Inflammatory bowel disease (IBD) patients suffer from chronic inflammation of the gastrointestinal (GI) tract. The disease course varies, and patients often experience relapses and remission, despite the availability of several medications types. Currently, the disease stage is only assessed by histological analysis of colonoscopy obtained biopsies. Therefore, there is a critical need for non-invasive diagnostic and prognostic markers for IBD.
Prof. Itzkovitz and his team show that the feces transcriptome of host shed cells is a diagnostic biomarker for GI histological inflammation and could possibly be used as a prognostic tool to predict patients' responses to different treatments.
IBD (Crohn’s and ulcerative colitis) is characterized by chronic GI inflammation. IBD prevalence in Israel and worldwide is rising. Several types of medications exist, including biological therapies that have greatly improved patients’ condition. However, many patients are either primary non-responders or experience loss of response over time, resulting in disease flares. Initial diagnosis and monitoring of the disease are often based on assessing histological inflammation of the GI, using biopsies obtained upon colonoscopy. However, colonoscopies are cumbersome, expensive, require unpleasant preparation, and are also associated with potential complications of perforation/sedation. Existing non-invasive prognostic tools, including stool proteomics and micriobiome characterization are limited in their diagnostic power. Therefore, there is a critical need for non-invasive markers for the state of GI inflammation that could be used to predict patient prognosis or response to therapies.
Prof. Shalev Itzkovitz and his team showed that transcriptomics of patients’ fecal samples are correlated with the inflammatory state of the intestine and could be used as a non-invasive diagnostic and prognostic tool for IBD.
Prof. Itzkovitz and his team argued that RNAseq measurements of the host transcripts, originating in cells that are constantly shed into the lumen, could be a proxy for inflammation status. They performed RNA sequencing of biopsies and fecal-wash samples from IBD patients and controls undergoing lower endoscopy. They showed that RNAseq of the host transcripts in fecal washes contained different information compared to RNAseq of biopsies. Importantly, the Fecal wash host transcriptome was significantly more informative than the biopsy transcriptome in identifying histological inflammation and classifying patient disease status (Figure 1). This increased power of fecal transcriptomics stems from the fact that the feces represent cells that are shed throughout the gastrointestinal tract. Based on these results, the researchers identified specific gene signatures in fecal washes samples from patients with and without histological inflammation, which could be used as a diagnostic tool for classifying patients’ disease status. The team also analyzed fecal wash proteomics using Mass Spectrometry and showed that fecal wash transcriptomics carries distinct information from fecal proteomics.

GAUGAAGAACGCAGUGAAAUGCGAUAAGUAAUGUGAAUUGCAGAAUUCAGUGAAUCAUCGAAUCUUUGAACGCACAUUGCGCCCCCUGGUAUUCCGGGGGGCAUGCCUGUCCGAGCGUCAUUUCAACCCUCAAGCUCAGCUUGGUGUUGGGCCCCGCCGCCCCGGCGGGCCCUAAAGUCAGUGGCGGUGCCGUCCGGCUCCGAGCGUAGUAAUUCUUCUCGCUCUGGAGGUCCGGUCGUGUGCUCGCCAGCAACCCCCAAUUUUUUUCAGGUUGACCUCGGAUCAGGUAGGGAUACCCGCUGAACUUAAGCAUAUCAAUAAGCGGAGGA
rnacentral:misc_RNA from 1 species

Therefore, the transcriptome of patients’ feces is a powerful non-invasive biomarker that reflects histological inflammation. In addition to being a diagnostic tool, identifying correlations between feces-transcriptomic signatures and response to specific therapies could potentially provide a new, personalized prognostic tool.
Figure 1- Distributions of gene expression levels in biopsies and in fecal washes of ulcerative colitis (UC) patients with histological inflammation versus UC patients with histological healing. Each panel shows a host gene, Y axis is mRNA expression as a fraction of all sample reads, white circle denotes the median, left parts of each plot show the distributions of gene expression in the non-inflamed biopsies (non-inf-B) and the inflamed biopsies (inf-B), right part shows the gene expression levels in the non-inflamed washes (non-inf-W) vs. the inflamed washes (inf-W). AUC – Area under the curve of ROC analysis.Fecal wash samples, yet not biopsies, harbor dozens of genes with AUC=1, enabling error-free classification of histological inflammation state.
- A non-invasive diagnostic tool for IBD
- A personalized method of selecting the optimatl treatment for IBD patients
- Patient-friendly – a fecal wash sample, potentially obtained using a home stool kit for patients’ use
Prof. Itzkovitz and his team demonstrated that feces transcriptome correlates with histological inflammation. They identified specific genes that are differentially expressed in fecal washes of IBD patients reaching histological healing and those with histological inflammation. Future work will further validate the results and identify specific genetic patterns in pre-therapy fecal washes which correlate with response to different therapies (patient-specific tailoring of biological therapy). Finally, the fecal wash assay will be adjusted into a home stool kit for patients’ use.